Stones for Building and Decoration, Band 25

J. Wiley, 1891 - 453 Seiten

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Seite 245 - Saudstoiies are composed of rounded and angular grains of sand so cemented and compacted as to form a solid rock. The cementing material may be either silica, carbonate of lime, an iron oxide, or clayey matter. Upon the character of this cementing material, more perhaps than upon the character of the grains themselves?, is dependent the color of the rock and Its adaptability for architectural purposes. If silica alone is present the rock is light colored and frequently so intensely hard that it can...
Seite 276 - Counties. At Amherst the quarries are located in a series of ledges which were once the shore cliffs of Lake Erie. The elevated position of the stones is a great advantage, since the light and uniform color seems due to the fact that this elevation produces a free drainage, and the stones have been traversed by atmospheric waters to such 'a degree that all processes of oxidation which are possible have been very nearly completed. The stone here as elsewhere varies considerably in character and solidity...
Seite 92 - The most interesting building material in the entire state of Maryland is the " Potomac marble," " calico rock " or " Potomac breccia," which has been used occasionally for the greater portion of the century.
Seite 327 - ... balls let fall from a considerable height. With such difficulties as these to contend with it is not surprising that the building should have been considered a wonder when completed, and that people coming to Boston from a distance made it a point to see and admire this great structure. The wonder, however, was not that the granite could be broken into shape by such methods, but "that stone enough could be found in the vicinity of Boston fit for the hammer to construct such an entire building....
Seite 53 - Serpentine is essentially a hydrous silicate of magnesia, consisting when pure of nearly equal proportions of silica and magnesia with from 12 to 13 per cent, of water. The massive varieties quarried for architectural purposes are always more or less impure. containing frequently from 10 to 12 per cent, of iron...
Seite 194 - Boston as early as 1737, but it was not until the early part of the present century that its use became at all general.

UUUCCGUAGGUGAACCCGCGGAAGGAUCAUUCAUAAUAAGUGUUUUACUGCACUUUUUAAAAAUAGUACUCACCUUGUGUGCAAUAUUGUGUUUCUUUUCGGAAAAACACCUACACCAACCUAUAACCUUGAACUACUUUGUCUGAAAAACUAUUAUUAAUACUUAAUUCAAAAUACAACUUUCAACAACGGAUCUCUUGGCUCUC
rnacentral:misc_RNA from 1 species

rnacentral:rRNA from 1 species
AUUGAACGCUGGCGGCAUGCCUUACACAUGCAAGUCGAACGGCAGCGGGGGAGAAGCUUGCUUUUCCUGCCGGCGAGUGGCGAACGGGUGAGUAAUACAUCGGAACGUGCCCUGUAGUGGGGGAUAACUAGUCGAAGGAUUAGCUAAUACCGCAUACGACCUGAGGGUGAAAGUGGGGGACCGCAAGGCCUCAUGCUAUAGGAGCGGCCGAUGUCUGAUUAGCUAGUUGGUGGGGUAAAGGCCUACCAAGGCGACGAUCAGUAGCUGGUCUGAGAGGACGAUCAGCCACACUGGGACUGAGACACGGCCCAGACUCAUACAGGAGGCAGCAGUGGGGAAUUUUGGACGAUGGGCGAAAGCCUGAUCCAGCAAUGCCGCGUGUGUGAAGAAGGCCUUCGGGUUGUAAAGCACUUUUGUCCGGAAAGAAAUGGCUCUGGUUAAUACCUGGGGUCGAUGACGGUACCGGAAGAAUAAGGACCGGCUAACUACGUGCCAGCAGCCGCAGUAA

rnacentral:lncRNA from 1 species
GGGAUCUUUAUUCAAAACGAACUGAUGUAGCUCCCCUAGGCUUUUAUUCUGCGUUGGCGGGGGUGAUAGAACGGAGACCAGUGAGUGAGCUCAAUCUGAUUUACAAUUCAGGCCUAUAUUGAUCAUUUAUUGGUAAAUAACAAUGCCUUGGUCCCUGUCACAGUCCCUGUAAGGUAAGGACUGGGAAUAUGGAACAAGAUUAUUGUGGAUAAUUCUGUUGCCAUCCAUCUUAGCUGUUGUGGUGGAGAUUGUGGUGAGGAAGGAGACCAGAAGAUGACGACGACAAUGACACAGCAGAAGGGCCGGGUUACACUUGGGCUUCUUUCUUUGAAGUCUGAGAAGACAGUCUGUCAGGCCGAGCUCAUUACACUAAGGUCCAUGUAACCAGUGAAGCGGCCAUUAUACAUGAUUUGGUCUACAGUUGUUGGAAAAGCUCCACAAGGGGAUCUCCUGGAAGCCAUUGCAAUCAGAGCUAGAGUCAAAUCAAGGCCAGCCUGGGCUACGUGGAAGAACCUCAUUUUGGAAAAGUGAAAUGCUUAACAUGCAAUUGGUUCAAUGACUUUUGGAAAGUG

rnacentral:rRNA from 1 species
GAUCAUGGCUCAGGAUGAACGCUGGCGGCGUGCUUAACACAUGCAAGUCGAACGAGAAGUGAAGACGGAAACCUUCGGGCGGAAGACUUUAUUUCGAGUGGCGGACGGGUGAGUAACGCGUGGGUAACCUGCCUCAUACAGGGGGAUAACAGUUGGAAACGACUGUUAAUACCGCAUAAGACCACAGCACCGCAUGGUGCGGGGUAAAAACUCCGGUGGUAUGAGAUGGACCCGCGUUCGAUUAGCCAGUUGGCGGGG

Seite 48 - Up to 1867 some 2,020 tons had been quarried and sold. In this latter year some 3,700 stoves were manufactured by one company alone. The business has been conducted upon a large scale ever since. The bed has been followed some 400 feet, and the present opening is some 40 feet wide, 80 feet long, and 80 feet deep. Other beds constituting a part of the same formation occur in Weare, Warner, Canterbury, and Eichmond, all of which have been operated to a greater or less extent.
Seite 63 - ... in Blanford and another in Pelham, in the southwest part of the town. The color of this last is dark, and the quantity of the talc is considerably large. A large bed occurs in connection with soapstone on the north side of Deerfield River, in Zoar, near the turnpike from Greenfield to Williamstown. Specimens from this place resemble those from the celebrated localities of this rock at Zoblitz, in Saxony.
Seite 399 - ... thus prevent all access of moisture. Whatever the substance, it must be of such a nature as in no way to discolor or disfigure the stone. Paint. — This is one of the substances most generally used and which has been employed on the porous sandstone of the Capitol, White House...
Seite 110 - England, p. 46. are three beds of marble running through the town, north and south. The most easterly has a breadth of some 200 feet, and the stone is of the same character as that at Sutherland Falls or Proctor, as the town is now called. The middle bed is separated from the first by about 200 feet of lime rock. The bed itself is some 400 feet wide, and the stone varies in color from pure white to dark blue. The third or west bed which is thought to correspond to that of West Rutland is about half...

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